In 2015, I published “The Youth Theatre Movement as Part of Actors’ Education: A Finnish Perspective” within the pages of Theatre, Dance and Performance Training (6:3). I interviewed the students of the programme of acting studies of the University of Tampere, and the University of the Arts Helsinki, and some of their teachers, in order to investigate the impact of prior experience of acting in the youth theatres and in youth theatre education to acting studies in higher education. In the article I wondered how the students saw the role of the youth theatre movement in their personal growth, and what the teachers thought about the ways of acting and thinking about acting the students had at the beginning of their studies; and the myth of tabula rasa.
In this post I come back to the themes of the article, with a little help from Mikko Kanninen, University Lecturer in Acting at the University of Tampere, and his current BA student, Sofia Smeds, both of whom I know as practitioners with special interest in current developments in the field, and who were able to answer on short notice. I asked both of them to read the article and comment freely on it. What follows is their reply.
In his essay “The Youth Theatre Movement as Part of Actors’ Education: A Finnish Perspective” Hannu Tuisku wrestles with the complex relationship between the youth theatre movement and the everyday problems in professional performer training pedagogy: Where does the training begin? Should the student first unlearn everything “wrong” he has learned or should the pedagogy build something on top of something already learned?
Tuisku describes very thoughtfully the complexity of the situation, methods and recent history of Finnish actor training in higher education. In doing so, Tuisku also brings out one of the core problems in the Finnish educational system: drama education does not have the same kind of established status as a school subject as music and fine arts do. This status has no relation to the fact that theatre is more popular in Finland than going to movies or Lutheran church. Theatre is THE national art form in Finland but it is not recognized in our state school curriculum.
The question of neutrality or tabula rasa versus the habitual, lived body is an issue we face almost every day in our work in acting studies in higher education. The article is certainly of use for us! It is also worth noticing that the phenomena the article is about has always been a significant part of the Finnish higher theatre education and the Finnish theatre “scene” but nobody before Tuisku has made any serious research about it.
I think that these questions about acting studies in higher education and actor training in the youth theatres are very important and interesting. In my opinion, the education of professional actors should always be based on thorough studies rather than opinions or interests of certain theatre professionals.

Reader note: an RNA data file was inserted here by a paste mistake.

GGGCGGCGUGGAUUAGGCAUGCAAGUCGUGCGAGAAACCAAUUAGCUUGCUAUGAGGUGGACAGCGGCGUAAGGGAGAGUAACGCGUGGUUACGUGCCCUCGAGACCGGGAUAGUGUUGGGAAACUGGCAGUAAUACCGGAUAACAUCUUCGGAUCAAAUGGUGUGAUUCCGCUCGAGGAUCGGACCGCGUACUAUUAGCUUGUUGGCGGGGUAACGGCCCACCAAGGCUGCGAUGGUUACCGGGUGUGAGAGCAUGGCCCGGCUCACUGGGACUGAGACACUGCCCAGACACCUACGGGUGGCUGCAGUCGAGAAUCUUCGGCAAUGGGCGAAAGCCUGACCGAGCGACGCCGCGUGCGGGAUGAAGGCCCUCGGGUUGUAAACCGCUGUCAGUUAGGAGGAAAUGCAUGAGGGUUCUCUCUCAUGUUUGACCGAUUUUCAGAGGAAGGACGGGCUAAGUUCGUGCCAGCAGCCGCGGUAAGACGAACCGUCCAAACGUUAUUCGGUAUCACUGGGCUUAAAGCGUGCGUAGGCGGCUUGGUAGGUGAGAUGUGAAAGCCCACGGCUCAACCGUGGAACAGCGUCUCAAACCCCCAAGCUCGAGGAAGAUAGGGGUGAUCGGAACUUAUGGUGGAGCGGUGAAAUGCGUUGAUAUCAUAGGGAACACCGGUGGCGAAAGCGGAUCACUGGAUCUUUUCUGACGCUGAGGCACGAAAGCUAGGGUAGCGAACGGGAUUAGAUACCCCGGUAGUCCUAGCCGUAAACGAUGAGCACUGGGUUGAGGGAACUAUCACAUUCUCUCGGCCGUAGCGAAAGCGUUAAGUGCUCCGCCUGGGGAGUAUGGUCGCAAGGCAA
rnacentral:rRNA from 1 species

I think, what has helped me a lot in the first year of my acting studies in higher education, is my previous experience of studying in the university. A sort of experimental way of thinking, not seeking to know what is right or wrong, an ability to look at things in a critical way and accept the complexity of human experience and communication. I feel like these abilities have given me the opportunity to really focus my energy in all of the specific exercises that we explore.
I don’t think my previous experience in youth theatre or adult education college has left any bad mannerisms in me. I believe people gain mannerisms from their everyday life anyway, mannerisms that affect their acting, had they participated in youth theaters or not. In my case, I believe participating in both youth theatre and adult education college made it possible for me to be accepted into the programme of acting studies in higher education in the first place.
I have discovered that in our education at the programme of acting studies at the University of Tampere the focus is on exploring one’s own body as an organism that thinks, communicates and creates. And I feel that it’s very productive. In my opinion, the purpose of professional actors’ physical training is to provide different exercises, methods or tools to become aware of your somatic reactions, to explore what’s happening in your body, and finally, to be able to choose and use these reactions and physical changes to create any kind of theater art. The teacher, then, is not telling the student to use certain qualities of expression, but rather the teacher is providing the student the opportunity to find the millions of qualities and movements in his or her own body, so that he or she can make the choices and be the artist.